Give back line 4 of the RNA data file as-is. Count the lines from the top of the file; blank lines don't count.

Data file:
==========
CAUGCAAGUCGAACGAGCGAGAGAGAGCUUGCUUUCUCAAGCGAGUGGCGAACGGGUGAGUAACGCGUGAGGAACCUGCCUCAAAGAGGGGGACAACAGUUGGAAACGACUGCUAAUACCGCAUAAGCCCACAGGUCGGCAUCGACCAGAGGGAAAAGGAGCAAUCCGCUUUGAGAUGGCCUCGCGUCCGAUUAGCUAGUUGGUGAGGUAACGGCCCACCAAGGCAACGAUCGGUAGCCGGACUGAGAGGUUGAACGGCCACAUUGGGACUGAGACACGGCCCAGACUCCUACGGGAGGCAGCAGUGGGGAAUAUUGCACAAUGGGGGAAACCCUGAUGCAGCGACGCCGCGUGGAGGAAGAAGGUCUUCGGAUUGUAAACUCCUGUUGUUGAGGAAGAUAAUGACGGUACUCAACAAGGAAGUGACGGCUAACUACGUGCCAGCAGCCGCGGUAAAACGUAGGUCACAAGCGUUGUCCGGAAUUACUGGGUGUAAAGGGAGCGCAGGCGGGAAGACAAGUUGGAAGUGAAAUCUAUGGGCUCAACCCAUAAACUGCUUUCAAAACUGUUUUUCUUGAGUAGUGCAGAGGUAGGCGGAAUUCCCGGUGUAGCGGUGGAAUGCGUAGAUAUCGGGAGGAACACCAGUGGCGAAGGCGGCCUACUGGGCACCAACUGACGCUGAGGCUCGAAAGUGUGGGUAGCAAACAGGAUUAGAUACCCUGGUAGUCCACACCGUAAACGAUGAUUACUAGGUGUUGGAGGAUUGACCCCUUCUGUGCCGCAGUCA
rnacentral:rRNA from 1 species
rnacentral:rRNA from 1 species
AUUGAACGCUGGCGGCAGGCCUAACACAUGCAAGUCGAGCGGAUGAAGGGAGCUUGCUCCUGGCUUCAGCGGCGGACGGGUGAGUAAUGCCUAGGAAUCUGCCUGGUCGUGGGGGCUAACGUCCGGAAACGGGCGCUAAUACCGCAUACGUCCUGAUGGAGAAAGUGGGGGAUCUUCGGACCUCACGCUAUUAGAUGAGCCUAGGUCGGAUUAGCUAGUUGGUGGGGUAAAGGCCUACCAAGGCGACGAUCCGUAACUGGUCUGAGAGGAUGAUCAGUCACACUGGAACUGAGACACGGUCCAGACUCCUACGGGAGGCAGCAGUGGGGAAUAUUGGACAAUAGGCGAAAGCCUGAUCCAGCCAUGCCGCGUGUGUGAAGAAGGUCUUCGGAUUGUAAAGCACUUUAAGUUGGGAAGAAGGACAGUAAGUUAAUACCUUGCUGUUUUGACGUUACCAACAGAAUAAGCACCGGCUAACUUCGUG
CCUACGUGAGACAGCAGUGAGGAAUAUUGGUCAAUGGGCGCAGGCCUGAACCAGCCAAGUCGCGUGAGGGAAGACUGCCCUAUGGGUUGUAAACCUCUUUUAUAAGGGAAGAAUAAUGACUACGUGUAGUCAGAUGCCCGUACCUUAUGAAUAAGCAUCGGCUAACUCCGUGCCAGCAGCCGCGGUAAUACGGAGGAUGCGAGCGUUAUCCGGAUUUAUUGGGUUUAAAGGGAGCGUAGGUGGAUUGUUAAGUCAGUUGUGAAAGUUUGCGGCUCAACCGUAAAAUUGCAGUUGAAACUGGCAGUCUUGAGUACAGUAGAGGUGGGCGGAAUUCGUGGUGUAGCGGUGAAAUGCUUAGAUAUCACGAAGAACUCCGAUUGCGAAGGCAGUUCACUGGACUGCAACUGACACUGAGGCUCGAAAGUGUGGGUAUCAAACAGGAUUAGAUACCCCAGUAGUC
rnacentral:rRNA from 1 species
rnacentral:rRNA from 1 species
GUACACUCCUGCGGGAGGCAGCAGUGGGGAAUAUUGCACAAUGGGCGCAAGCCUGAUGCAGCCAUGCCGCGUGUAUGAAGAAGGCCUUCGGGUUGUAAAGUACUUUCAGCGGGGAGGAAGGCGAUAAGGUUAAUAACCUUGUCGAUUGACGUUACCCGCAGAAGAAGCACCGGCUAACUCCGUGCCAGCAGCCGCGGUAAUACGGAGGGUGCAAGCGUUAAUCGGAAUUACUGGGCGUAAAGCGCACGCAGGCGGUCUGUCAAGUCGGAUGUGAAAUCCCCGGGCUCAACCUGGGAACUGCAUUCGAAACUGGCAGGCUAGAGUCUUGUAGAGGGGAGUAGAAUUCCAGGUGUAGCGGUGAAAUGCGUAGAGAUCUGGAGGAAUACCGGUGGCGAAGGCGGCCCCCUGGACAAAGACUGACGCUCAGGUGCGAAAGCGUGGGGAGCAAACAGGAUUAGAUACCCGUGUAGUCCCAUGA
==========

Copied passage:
AUUGAACGCUGGCGGCAGGCCUAACACAUGCAAGUCGAGCGGAUGAAGGGAGCUUGCUCCUGGCUUCAGCGGCGGACGGGUGAGUAAUGCCUAGGAAUCUGCCUGGUCGUGGGGGCUAACGUCCGGAAACGGGCGCUAAUACCGCAUACGUCCUGAUGGAGAAAGUGGGGGAUCUUCGGACCUCACGCUAUUAGAUGAGCCUAGGUCGGAUUAGCUAGUUGGUGGGGUAAAGGCCUACCAAGGCGACGAUCCGUAACUGGUCUGAGAGGAUGAUCAGUCACACUGGAACUGAGACACGGUCCAGACUCCUACGGGAGGCAGCAGUGGGGAAUAUUGGACAAUAGGCGAAAGCCUGAUCCAGCCAUGCCGCGUGUGUGAAGAAGGUCUUCGGAUUGUAAAGCACUUUAAGUUGGGAAGAAGGACAGUAAGUUAAUACCUUGCUGUUUUGACGUUACCAACAGAAUAAGCACCGGCUAACUUCGUG